The dialogue between Tippett and Tatar was "The Great Cauldron of Story: Why Fairy Tales Are for Adults Again." (give it a listen, or read the transcript -- I'm sure you'll enjoy it!) Their chat led me to consider not only my interest in adult stories (books, movies, TV) of fantasy and fairy tales but also into my dimly recalled childhood. Unfortunately, while I remember having a passion for reading and books since before I started school, my poor memory leaves a vast vacancy of details. The rare foggy peeks into my early childhood seem to guide me toward Wind in the Willows and, as I wrote about earlier, to Little Burnt-Face. How could I resolve this loss or revive some missing memories?

I have decided to explore children's literature. See if perhaps I could revive some childhood memories and, even if not, create a new association with or appreciation for the stories that I'm sure had an impact upon me -- even if I don't recall the experience. My first step was to buy Maria Tatar's Enchanted Hunters: the power of stories in childhood. Marvelous book! I enjoyed how she wove together the histories of oral storytelling with that of children's literature, and presented a wide range of authors and tales. In addition, she addressed how we think that children may be understanding and using stories differently than adults do, and how the writing itself varies.

I'm going to tip-toe into classic children's literature and see what happens. Maybe my child-self will allow me to wander in wonder for a while … and allow some magic to flow freely through my writing.

"The world of print, like nature, offers many points of entry to feelings of wonder. When we retire to the fabled armchair or turn on electronic devices such as Kindle (the name is telling), we have the chance to enter story worlds constructed by words and images--a second nature that helps us recapture a sense of wonder. Most children in this country begin reading on their own around the time that the real world begins to lose its magic." 
~ Maria Tatar
________________
* Desert Fire will be available in June.

Sunday, March 29, 2015

With Kindly Eyes

Look back on Time, with kindly eyes — 
He doubtless did his best — 
How softly sinks that trembling sun
In Human Nature’s West — 

~ Emily Dickinson (#1478)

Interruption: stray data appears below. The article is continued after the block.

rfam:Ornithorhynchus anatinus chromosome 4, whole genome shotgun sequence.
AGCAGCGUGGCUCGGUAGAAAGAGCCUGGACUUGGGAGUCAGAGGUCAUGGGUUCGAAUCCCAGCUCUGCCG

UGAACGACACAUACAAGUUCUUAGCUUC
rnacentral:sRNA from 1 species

We need a more compassionate view of all humans; where the focus is upon small gestures and we see with Kindly Eyes. We need compassion for ourselves, too. 
And yet, I judge myself as harshly as I do others, never putting myself aside from what “we” have done to the world, recognizing my part in the actions of my species: war, violence, projection. We keep repeating in spite of reflection and philosophy and waking up to our responsibilities. This huge unwieldy machine of the over-culture taints my every effort until all I want to do is disappear into folds of paper where possibility emerges. 
I get further behind with every step I take and Time is always cutting me off at the pass, making sure I don’t cross into the other realm. Maybe in my next life will be Peace? That’s something hopeful to consider. On the other hand, if I cannot help us shift our trajectory, if I cannot be part of the solution, will I find my next life a horror? Am I doing my best or hiding? Is solitude equal to my best effort? Am I enough? Am I doing enough? How do I lift up my Self toward a kinder life? Has my writing helped or hindered me or someone else? So many questions. I know nothing. That is my new beginning each time I collapse inward. Ask and open, listen.

Sit right here rest your bones. No one's ever so alone. 
You can take the world down off your shoulders.
I don't know why and how. All I know is here and now.
You can take the world down off your shoulders.



Out of the midst of my confusion, a warm little fellow curls up on my lap and my heart fills with love. This. This response of love is what keeps me going. When I feel my heart swell with love, it’s okay. I can get through another day. I say grace.